Part of speech:
(Like “eat,” “try,” and “want,” all transitive verbs do something to an object.
You eat a banana, try a game, and want a new phone.
Likewise, you objectify something.)
When you objectify people, you're treating them as if they're just objects rather than human beings.
(Another meaning: to objectify things means to make them real or give them external form. But we'll focus on the first meaning.)
objectified, objectifying, objectification
How to use it:
Talk about someone or something objectifying someone else, as in "This annoying song objectifies women." You can use "objectified" as a handy adjective, as in "You can't help but feel like an objectified cog in a wheel as you walk through the queues at a theme park." The noun is also very useful: "A chief criticism of beauty pageants is their objectification of young girls."
It's usually people who get objectified, but occasionally you might talk abstractly about objectifying culture, objectifying poverty, objectifying music, objectifying homelessness, etc.
Jennifer Lawrence refuses to be objectified; when reporters on the red carpet ask her dumb questions about her dress instead of her acting career, she responds with wit and sarcasm.
If you've watched Meghan Trainor flaunting her body in her music videos, do you think she's empowering or objectifying herself?
Look away from the screen to explain the definition in your own words. You’ll know you understand what "objectify” means when you can explain it without saying “treat like a thing” or “dehumanize."
Think of a movie, show, advertisement, or anything else that's guilty of putting women, men, or children on display as objects, and fill in the blanks: "When did it become okay for (thing) to objectify (someone) by (showing something)?"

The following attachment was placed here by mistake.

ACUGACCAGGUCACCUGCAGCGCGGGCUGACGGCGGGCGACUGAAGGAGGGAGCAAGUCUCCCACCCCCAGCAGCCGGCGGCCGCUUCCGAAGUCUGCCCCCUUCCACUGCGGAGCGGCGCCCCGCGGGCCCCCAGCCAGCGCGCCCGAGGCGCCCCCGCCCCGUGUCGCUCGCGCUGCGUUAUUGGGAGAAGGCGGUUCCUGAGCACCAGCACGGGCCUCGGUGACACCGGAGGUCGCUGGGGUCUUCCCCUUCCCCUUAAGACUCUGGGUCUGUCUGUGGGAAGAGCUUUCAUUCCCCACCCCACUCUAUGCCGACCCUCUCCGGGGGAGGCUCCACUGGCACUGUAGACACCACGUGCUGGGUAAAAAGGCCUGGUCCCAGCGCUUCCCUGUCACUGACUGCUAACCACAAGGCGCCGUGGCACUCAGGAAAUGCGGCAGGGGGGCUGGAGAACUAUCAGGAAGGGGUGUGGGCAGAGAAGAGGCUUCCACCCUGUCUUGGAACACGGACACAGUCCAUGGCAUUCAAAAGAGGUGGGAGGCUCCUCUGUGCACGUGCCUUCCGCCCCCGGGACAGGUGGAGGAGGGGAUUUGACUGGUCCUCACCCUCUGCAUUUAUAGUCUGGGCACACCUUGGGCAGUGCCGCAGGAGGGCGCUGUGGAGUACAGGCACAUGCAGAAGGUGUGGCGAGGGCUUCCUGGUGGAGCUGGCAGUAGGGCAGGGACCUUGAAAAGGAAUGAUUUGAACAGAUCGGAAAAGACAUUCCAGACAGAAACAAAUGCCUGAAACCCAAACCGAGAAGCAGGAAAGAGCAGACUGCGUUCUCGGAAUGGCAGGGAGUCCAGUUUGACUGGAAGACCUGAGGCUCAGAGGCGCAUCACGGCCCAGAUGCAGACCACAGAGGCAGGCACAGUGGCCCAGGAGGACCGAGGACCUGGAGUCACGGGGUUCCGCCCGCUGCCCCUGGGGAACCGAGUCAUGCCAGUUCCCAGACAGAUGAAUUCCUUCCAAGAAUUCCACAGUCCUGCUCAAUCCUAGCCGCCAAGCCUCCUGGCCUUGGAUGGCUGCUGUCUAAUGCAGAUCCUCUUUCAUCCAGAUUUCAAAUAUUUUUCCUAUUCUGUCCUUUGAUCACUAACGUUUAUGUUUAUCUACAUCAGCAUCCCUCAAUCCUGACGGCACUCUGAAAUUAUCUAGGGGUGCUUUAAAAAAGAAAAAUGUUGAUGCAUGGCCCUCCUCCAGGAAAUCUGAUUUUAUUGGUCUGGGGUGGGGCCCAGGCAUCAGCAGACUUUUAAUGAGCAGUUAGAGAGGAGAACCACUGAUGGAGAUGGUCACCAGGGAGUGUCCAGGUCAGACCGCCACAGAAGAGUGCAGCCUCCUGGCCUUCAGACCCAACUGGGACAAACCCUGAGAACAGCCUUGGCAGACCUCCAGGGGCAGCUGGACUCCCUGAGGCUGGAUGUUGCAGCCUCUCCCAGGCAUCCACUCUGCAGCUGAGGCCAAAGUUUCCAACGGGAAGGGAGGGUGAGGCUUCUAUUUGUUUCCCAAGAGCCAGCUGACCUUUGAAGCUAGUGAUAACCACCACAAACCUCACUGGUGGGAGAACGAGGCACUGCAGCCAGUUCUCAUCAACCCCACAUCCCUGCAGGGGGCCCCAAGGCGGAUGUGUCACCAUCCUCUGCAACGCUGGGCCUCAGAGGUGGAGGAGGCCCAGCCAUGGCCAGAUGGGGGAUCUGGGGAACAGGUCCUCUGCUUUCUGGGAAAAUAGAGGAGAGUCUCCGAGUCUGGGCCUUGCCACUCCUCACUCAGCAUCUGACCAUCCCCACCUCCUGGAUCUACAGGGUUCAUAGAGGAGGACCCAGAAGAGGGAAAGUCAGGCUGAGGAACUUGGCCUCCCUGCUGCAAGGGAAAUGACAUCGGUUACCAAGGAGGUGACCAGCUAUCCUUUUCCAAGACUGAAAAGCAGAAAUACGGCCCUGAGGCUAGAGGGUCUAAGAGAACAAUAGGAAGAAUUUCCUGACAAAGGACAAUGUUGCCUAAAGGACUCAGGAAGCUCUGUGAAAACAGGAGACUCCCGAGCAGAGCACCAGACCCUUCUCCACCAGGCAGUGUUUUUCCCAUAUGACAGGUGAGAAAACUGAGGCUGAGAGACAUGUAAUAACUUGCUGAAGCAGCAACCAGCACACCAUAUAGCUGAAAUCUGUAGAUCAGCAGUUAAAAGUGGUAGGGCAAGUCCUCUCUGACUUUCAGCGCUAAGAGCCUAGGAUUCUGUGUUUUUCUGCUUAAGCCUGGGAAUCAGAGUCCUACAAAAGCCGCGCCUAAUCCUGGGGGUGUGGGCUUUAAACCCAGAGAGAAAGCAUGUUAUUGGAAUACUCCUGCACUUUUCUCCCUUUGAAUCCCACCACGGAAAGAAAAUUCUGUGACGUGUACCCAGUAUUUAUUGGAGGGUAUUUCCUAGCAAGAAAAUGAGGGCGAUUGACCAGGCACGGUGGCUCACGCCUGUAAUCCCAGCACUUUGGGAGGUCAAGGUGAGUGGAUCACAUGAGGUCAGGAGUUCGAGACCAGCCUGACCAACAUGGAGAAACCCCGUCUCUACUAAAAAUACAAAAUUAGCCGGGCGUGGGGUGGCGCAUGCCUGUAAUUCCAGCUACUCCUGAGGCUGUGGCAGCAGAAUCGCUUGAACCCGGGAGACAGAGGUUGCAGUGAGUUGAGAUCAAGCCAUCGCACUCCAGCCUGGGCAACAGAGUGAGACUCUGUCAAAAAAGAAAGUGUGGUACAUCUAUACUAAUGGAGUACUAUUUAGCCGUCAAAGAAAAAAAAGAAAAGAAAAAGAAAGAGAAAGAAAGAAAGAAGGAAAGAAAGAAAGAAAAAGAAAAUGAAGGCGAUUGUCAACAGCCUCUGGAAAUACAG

Example: "When did it become okay for hamburger commercials to objectify girls by showing them not even half-dressed while washing cars?"
Spend at least 20 seconds occupying your mind with the game and quote below. Then try the review questions. Don’t go straight to the review now—let your working memory empty out first.
Playing With Words:
Messages that go through an automated translator into several languages and back into English again often end up sounding funny and garbled-- but still somehow meaningful. We’re having fun with that phenomenon this month as we play our game: Guess the moral from Aesop’s Fables after it has been translated into a few foreign languages and back again by a computer program. Some of the morals may be very familiar to you, others not so much. You don’t need to quote Aesop verbatim but rather just understand the message being conveyed. Try it out each day and see the right answer the following day.
Yesterday’s answer: The translation-babble said, “As clever people in trouble, he will find a way to advantage more.” Aesop said, “As soon as someone clever gets into trouble, he tries to find a way out at someone else’s expense.”
Try this one today: “You trouble if in pursuit of illegal gain awaits you.”
A Point Well Made:
Emily Dickinson: “Hope inspires the good to reveal itself.”
1. The opposite of OBJECTIFY is
2. You could argue that films are objectifying by their very nature, but _____.
A. million-dollar budgets don't necessarily guarantee big profits.
B. plenty of filmmakers have used the camera to highlight humanity, not just physical beauty.
C. you can't argue with the fact that millions of people have paid to see movies with obviously unoriginal plots.
Answers are below.
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Make Your Point is crafted with love and brought to you each day for free by Mrs. Liesl Johnson, M.Ed., a word lover, learning enthusiast, and private tutor of reading and writing in the verdant little town of Hilo, Hawaii. For writing tips, online learning, essay guidance, and more, please visit www.HiloTutor.com.
Disclaimer: Word meanings presented here are expressed in plain language and are limited to common, useful applications only. Readers interested in authoritative and multiple definitions of words are encouraged to check a dictionary. Likewise, word meanings, usage, and pronunciations are limited to American English; these elements may vary across world Englishes.
Answers to review questions:
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